Ghostscript is a processor for PostScript and PDF files. It can rasterize these files to a wide variety of printers, devices for screen preview, and image file formats. Since applications tend to prepare pages for printing in a high-level format such as PostScript, most Unix users with low-level bitmap printers, such as inkjets, use GhostScript as part of the printing process. In addition, Ghostscript is capable of converting PostScript files, functionality comparable to Adobe Acrobat Distiller, but on the command line. In addition, Ghostscript is used for file import and viewing by a great many other applications, including xv, ImageMagick, gimp, and xdvi. Several GUI wrappers for viewing PostScript and PDF files exist, including GSview, ghostview, gv, ggv, and kghostview. This is far from a comprehensive list.
Secure FTP API for Java is a collection of classes that allows you to add secure file transfer capabilities to your Java applications. It has a complete implementation of the File Transfer Protocol as defined RFC 959, and support for secure file transfer using SSL/TLS as defined in RFC 2228. Both explicit and implicit SSL connections are supported. It has an extendable architecture to support legacy/non-standard FTP servers, event notification to notify the connection and transfer events to interested objects, support for active and passive data transfers, support for ASCII and binary data types, and the ability to set the timeouts and buffer size to use for the control and data connections.
ElegantJBeans Developer Collection is a large collection of ready-to-use 100% Java Beans. The collection has beans for every developer need, whether it's related to UI, data binding, validation, data access, communication, reporting, printing, data analysis, or data monitoring. These beans provide tested and proven code.
The ATLAS (Automatically Tuned Linear Algebra Software) project is an ongoing research effort focusing on applying empirical techniques in order to provide portable performance. It provides C and Fortran77 interfaces to a portably efficient BLAS implementation, as well as a few routines from LAPACK.
getmail is intended as a simple, secure, and reliable replacement for fetchmail. It retrieves email (either all messages, or only unread messages) from one or more POP3, SPDS, or IMAP4 servers (with or without SSL) for one or more email accounts, and reliably delivers into qmail-style Maildirs, mboxrd files, or through external MDAs (command deliveries) specified on a per-account basis. getmail also has excellent support for domain (multidrop) mailboxes, including delivering messages to different users or destinations based on the envelope recipient address.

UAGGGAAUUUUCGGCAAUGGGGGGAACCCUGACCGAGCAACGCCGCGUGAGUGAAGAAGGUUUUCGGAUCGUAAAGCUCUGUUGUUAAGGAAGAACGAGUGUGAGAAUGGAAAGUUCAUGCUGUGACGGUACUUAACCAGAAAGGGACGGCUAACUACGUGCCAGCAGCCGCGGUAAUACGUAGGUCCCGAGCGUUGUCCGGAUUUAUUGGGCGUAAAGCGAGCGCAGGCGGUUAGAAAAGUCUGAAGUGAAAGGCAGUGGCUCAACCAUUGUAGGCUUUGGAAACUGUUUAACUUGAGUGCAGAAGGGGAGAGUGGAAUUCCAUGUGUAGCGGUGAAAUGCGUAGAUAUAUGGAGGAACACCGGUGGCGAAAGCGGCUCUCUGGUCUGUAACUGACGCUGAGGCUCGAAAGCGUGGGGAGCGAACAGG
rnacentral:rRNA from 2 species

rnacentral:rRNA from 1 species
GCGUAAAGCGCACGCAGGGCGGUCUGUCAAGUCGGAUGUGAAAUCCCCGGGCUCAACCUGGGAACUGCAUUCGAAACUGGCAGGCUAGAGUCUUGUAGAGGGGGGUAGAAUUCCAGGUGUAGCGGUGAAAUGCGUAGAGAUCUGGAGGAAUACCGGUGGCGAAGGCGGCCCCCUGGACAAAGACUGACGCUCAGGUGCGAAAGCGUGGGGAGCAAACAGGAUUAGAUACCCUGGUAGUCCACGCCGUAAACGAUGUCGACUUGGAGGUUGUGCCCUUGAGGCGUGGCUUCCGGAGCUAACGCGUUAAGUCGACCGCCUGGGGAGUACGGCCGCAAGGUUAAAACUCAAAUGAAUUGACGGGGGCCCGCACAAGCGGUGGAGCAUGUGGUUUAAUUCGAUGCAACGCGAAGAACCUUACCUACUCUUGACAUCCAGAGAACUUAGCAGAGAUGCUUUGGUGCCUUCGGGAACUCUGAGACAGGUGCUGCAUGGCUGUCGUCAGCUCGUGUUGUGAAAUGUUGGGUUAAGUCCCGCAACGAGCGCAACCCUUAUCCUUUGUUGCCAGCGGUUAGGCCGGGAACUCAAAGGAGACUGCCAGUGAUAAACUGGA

BORG is a calendar and task tracking system written entirely in Java. The calendar is an appointment organizer that provides a nice month view, month printing, email reminders, popup reminders, and a to do list. The task tracker tracks issues and tasks through various user-defined states.
JExpress is a Java installer builder and auto-updater. It gives you your choice of a standalone installer, including both native and cross platform installers and updaters for Windows, Mac OS X, Linux, and Solaris, or a Java Web Start one-click install. You create your installer quickly with your choice of a simple wizard or a powerful advanced interface, both included. You can bundle the exact JVM you want with your installer. The auto-updater gives you a continuous revenue stream after the sale. Your software is always up-to-date, so your customers have fewer problems. You also get all the features you expect in a top end installer. Your Java application becomes a native program just like any other. On Windows it's an EXE, on Mac OS X an app bundle, etc. If you need something really special, you can customize your installer by adding simple Java classes. You can even get a source license at a reasonable price.
smake is a highly portable 'make' program that makes commands up to date based on rules in Makefiles and on the timestamps of the related files. It implements a complete superset of the features of the classical POSIX/Unix make program. It warns about typical misuse of dynamic macros that prevent portability of makefiles. Its automake features allow you to run scripts to automatically create rules for unknown platforms.
Freeciv is a multiuser reimplementation for Unix/X of the famous Microprose game of Civilization. By default, the game is an improved Civ II, but this can be customized; modpacks for near-100% compatibility with Civ I and Civ II are included. Multiuser gameplay is real-time: in each turn, all human players move concurrently. The game is designed to remain fairly playable even on poor network connections. Freeciv can also be played on standalone machines, and its AI players are a good challenge for beginners. The source code comes with the server, two X clients, and non-X clients for MS Windows and Amiga. Freeciv is released under the GNU General Public License. It is maintained by an international team of coders and enthusiasts, and is easily one of the most fun and addictive network games out there.